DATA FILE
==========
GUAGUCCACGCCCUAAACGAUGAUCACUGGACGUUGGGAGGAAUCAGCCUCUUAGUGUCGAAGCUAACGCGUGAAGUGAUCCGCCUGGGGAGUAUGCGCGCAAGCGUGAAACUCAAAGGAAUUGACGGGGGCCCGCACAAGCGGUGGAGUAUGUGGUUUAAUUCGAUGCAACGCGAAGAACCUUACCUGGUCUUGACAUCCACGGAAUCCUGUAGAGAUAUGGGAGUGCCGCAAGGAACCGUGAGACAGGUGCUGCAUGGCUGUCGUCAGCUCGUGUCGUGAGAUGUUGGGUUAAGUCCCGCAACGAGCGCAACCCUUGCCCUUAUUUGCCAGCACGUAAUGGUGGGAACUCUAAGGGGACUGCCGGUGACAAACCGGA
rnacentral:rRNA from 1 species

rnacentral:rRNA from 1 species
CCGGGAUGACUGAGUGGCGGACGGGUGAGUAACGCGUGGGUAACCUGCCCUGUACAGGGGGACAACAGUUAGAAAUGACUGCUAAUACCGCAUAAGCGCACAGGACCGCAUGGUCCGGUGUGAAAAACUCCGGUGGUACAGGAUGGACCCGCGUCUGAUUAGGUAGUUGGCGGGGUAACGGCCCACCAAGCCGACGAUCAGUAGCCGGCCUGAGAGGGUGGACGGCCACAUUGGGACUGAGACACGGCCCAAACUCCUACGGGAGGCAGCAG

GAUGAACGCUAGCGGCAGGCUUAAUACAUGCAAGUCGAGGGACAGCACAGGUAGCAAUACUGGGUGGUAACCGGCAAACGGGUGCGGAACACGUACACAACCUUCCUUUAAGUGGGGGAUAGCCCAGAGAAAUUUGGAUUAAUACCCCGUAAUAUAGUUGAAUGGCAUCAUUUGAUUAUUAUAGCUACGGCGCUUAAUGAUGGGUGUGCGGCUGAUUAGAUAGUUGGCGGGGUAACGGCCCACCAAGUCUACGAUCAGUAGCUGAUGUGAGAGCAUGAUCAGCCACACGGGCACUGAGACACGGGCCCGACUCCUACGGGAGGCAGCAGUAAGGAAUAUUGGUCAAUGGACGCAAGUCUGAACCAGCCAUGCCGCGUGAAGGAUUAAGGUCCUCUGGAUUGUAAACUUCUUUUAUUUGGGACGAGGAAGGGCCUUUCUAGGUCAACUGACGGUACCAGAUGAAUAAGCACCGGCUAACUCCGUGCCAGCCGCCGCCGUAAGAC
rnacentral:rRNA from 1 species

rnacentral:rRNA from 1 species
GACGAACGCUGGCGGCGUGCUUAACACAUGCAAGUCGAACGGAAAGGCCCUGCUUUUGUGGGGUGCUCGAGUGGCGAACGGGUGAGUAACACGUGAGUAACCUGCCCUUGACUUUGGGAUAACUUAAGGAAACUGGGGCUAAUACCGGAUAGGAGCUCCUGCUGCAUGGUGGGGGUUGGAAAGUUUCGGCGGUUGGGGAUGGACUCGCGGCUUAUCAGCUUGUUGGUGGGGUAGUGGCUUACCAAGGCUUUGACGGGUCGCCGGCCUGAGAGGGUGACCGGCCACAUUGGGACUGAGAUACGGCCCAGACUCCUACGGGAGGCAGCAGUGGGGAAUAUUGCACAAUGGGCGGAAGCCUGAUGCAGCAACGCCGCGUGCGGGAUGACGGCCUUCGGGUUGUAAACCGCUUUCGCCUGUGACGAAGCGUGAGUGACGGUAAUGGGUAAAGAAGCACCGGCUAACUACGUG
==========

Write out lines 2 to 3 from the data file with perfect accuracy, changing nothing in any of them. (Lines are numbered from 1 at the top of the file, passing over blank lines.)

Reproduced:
rnacentral:rRNA from 1 species

rnacentral:rRNA from 1 species